Don’t Feed the Bea—I Mean Homeless
Missoula’s effort to curb the unsavory behavior of “transients” downtown is not happening in a vacuum. In fact, it’s part of a national trend.
I linked to this NPR piece in a previous post—More Cities Sweeping Homeless Into Less Prominent Areas:
Raleigh isn’t the only city seeking to move its homeless population to a less prominent location. In recent years, municipalities from Seattle to Tampa have cracked down on the homeless and groups that help them.
Nationally, there is an increase in cities responding to visible poverty including homelessness by criminalizing it.
Maria Foscarinis heads the National Law Center on Homelessness and Poverty, an organization that seeks to end homelessness. She says many cities want to revitalize downtown areas.
“And they feel like having homeless people, having visibly poor people in those downtown areas detracts from those efforts,” she says.
Even Los Angeles, with its temperate climate and 50,000+ homeless population, is considering going after those who feed the down and out:
They began showing up at dusk last week, wandering the streets, slumped in wheelchairs and sitting on sidewalks, paper plates perched on their knees. By 6:30 p.m., more than 100 homeless people had lined up at a barren corner in Hollywood, drawn by free meals handed out from the back of a truck every night by volunteers.
But these days, 27 years after the Greater West Hollywood Food Coalition began feeding people in a county that has one of the worst homeless problems in the nation, the charity is under fire, a flashpoint in the national debate over the homeless and the programs that serve them.
Facing an uproar from homeowners, two members of the Los Angeles City Council have called for the city to follow the lead of dozens of other communities and ban the feeding of homeless people in public spaces.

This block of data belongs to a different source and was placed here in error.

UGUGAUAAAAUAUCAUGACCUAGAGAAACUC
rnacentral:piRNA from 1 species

“If you give out free food on the street with no other services to deal with the collateral damage, you get hundreds of people beginning to squat,” said Alexander Polinsky, an actor who lives two blocks from the bread line. “They are living in my bushes and they are living in my next door neighbor’s crawl spaces. We have a neighborhood which now seems like a mental ward.”
Should Los Angeles enact such an ordinance, it would join a roster of more than 30 cities, including Philadelphia, Raleigh, N.C., Seattle and Orlando, Fla., that have adopted or debated some form of legislation intended to restrict the public feeding of the homeless, according to the National Coalition of the Homeless.
These efforts—from Orlando to Missoula—will fail because the systems that are suppose to support and treat the core maladies are not working.
Prisons don’t rehabilitate criminals, hospitals don’t treat addicts, and states can’t handle their mentally ill, for starters.
Of course not all folks who find themselves without conventional housing are mentally ill addicts with criminal histories. The stories I highlighted in this post exemplified how some younger people have experienced homelessness.
But the threatening behavior downtown—and there is threatening behavior we should all be concerned about—comes primarily from a very small percentage of people who do have significant substance abuse problems and, too often, underlying mental health issues.
I would also argue there is actually more threatening behavior at night that comes from drunk college kids and other participants of the bar scene, but that doesn’t seem to be a part of this ordinance conversation, although maybe it should be.
The scope of this ordinance discussion needs to be broader and more solution-focused. There are plenty of people in our community who understand the problem and know what needs to happen to make a significant impact on the core problems.
The solutions, though, will take funding and hard work from trained, dedicated professionals, which probably sounds too expensive and difficult.
Instead, communities across the country are hoping to push the unsightly symptoms of addiction and mental illness to other part of town, like city parks and surrounding residential areas.
It won’t work, as we soon shall see.